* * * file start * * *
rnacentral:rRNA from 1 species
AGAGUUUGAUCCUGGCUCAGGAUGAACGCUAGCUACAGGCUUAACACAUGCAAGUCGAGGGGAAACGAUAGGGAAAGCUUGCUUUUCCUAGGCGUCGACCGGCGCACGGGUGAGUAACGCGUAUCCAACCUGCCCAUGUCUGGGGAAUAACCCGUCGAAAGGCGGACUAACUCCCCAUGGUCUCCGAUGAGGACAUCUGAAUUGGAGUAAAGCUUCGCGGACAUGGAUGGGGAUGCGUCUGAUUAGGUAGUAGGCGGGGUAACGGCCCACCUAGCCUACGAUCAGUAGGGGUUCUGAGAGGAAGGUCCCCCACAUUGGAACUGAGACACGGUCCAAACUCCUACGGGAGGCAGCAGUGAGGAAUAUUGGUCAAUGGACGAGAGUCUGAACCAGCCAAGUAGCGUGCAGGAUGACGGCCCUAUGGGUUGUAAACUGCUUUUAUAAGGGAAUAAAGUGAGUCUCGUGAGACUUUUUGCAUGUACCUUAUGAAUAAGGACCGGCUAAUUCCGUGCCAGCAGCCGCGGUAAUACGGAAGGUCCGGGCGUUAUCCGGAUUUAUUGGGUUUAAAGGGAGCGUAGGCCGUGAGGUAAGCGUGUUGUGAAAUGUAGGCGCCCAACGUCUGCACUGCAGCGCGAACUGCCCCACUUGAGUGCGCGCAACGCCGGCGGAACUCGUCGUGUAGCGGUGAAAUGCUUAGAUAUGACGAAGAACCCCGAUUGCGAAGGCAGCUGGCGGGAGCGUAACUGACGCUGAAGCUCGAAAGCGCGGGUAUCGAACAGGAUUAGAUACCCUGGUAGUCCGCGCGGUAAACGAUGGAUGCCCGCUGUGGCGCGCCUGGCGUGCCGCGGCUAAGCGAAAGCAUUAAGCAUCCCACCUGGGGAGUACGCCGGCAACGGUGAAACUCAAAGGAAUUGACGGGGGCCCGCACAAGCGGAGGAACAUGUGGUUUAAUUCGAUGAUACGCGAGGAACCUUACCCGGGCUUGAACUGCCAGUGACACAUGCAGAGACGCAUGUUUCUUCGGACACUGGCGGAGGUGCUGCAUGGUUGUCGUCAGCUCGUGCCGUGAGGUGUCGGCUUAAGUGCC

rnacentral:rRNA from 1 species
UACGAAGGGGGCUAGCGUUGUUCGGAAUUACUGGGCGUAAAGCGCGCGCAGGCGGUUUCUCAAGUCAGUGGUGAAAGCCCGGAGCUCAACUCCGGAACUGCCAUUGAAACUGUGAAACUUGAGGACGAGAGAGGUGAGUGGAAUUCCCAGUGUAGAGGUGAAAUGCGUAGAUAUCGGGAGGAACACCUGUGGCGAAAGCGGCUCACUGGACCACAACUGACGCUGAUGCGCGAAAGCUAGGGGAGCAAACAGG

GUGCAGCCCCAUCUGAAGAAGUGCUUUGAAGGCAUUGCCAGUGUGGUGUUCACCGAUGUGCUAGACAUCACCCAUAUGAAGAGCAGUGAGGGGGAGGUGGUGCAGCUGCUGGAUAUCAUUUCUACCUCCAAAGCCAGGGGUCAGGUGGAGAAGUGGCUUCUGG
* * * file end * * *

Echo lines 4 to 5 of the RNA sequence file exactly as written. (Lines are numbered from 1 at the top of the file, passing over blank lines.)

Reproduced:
UACGAAGGGGGCUAGCGUUGUUCGGAAUUACUGGGCGUAAAGCGCGCGCAGGCGGUUUCUCAAGUCAGUGGUGAAAGCCCGGAGCUCAACUCCGGAACUGCCAUUGAAACUGUGAAACUUGAGGACGAGAGAGGUGAGUGGAAUUCCCAGUGUAGAGGUGAAAUGCGUAGAUAUCGGGAGGAACACCUGUGGCGAAAGCGGCUCACUGGACCACAACUGACGCUGAUGCGCGAAAGCUAGGGGAGCAAACAGG

GUGCAGCCCCAUCUGAAGAAGUGCUUUGAAGGCAUUGCCAGUGUGGUGUUCACCGAUGUGCUAGACAUCACCCAUAUGAAGAGCAGUGAGGGGGAGGUGGUGCAGCUGCUGGAUAUCAUUUCUACCUCCAAAGCCAGGGGUCAGGUGGAGAAGUGGCUUCUGG